Turning to the psychedelic roots of western culture, let’s assume for the moment that the ancient mystery rites of Eleusis, in Greece, involved the ingestion of psychedelic drugs. In some ways, the ritual has good liberal credentials — it helped to nourish the earliest democracies in the history of humanity. The mysteries brought together Greeks from all the different Greek city-states, and gave them a shared experience of eunoia (fellow-feeling, the opposite of paranoia). One could go so far as to speculate that the philosophical idea of the ‘brotherhood of man’ — first expressed in Stoic philosophy — has its roots in the psychedelic experience of Eleusis.

At the same time, Eleusis was a very traditionalist cult, based on the same fundamental idea as the Aztec human sacrifices — humans depend on the good favour of the gods, and we must perform rituals to placate the gods, or they will punish us. This idea naturally empowered and enriched a priest-class — Eleusis was an extremely well-funded ritual. It was also strictly policed — the penalty for revealing its secrets or in some way blaspheming against it was exile or death. And, like the Aztec psychedelic rituals, it ‘probably involved human sacrifice…pacified in the later evolution [pf the rites] by the offering of animal surrogates’ — so suggests Carl Ruck, who first put forward the theory Eleusis involved psychedelics.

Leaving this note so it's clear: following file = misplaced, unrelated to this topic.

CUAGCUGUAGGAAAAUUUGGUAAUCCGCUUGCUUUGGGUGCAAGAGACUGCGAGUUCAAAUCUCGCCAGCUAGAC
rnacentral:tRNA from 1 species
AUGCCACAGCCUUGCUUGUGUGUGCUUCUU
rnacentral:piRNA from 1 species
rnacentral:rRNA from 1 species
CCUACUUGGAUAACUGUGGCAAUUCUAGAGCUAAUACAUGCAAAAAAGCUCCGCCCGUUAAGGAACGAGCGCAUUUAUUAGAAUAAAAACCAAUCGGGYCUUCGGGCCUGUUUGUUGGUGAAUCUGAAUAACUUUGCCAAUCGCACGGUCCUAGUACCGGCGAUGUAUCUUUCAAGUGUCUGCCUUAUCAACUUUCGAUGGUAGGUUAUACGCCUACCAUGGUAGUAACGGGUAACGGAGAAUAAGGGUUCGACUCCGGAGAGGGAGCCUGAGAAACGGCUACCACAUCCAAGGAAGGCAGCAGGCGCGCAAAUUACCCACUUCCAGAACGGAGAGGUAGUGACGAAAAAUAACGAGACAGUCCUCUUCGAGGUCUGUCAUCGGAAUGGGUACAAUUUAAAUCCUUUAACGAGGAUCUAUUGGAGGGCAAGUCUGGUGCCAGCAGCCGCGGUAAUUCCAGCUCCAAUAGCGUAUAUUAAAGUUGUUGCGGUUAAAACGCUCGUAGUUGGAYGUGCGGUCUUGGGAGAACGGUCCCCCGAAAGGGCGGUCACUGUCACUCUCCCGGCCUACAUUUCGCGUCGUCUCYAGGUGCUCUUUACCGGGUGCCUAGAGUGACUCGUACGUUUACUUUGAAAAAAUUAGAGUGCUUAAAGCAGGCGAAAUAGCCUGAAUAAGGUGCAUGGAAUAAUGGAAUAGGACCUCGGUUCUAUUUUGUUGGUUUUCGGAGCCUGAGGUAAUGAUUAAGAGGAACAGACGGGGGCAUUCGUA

Leaping several centuries and turning to the rediscovery of psychedelics in western culture at the end of the 19th century, we note that the early pioneers of psychedelic research tended to be elitist, authoritarian men.

One of the first ever research papers on psychedelics was by Havelock Ellis, the British medical researcher, who wrote Mescal: A New Artificial Paradise in 1898. He describes peyote as ‘the most democratic of the plants which lead men to an artificial paradise’, because of the ‘halo of beauty it casts around the simplest and commonest things’. However, Ellis was not entirely democratic in his own politics — he also wrote The Sterilization of the Unfit, in which he argued that thousands of humans at the bottom of the social pyramid should be sterilized for the good of the Race. There is a connection between this elitism and his view of psychedelics — he thought they were only suitable for civilized healthy people, in other words, the cognitive elite at the top of the pyramid.

One of Ellis’ charming odes to sterilization — he balked at involuntary sterilization but thought it could be tied to welfare payments.

Ellis expanded his research by giving mescaline to two of his friends — the poet WB Yeats and the literary critic Arthur Symons. Yeats was even more elitist than Ellis. In 1939, at the end of his life, he gave his firm support to the brutal eugenic policies being carried out by the German and American governments. ‘Sooner or later we must limit the families of the unintelligent classes’, he wrote. He thought civilization depended on a handful of elite families, who may have to seize military control of society to enforce eugenic policies on the masses.

Yeats was a member of the elitist Order of the Golden Dawn, along with Aleister Crowley — another early experimenter with psychedelic drugs. Crowley’s use of peyote does not seem to have made him liberal. Rather, he shared Yeats and Ellis’ highly hierarchical, pyramidal view of society — he believed a new aeon was dawning in which a handful of Nietzschean supermen would rule over the ‘slaves’ of the masses. They must rule pitilessly: ‘Compassion is the vice of kings. Stamp down the wretched and the weak.’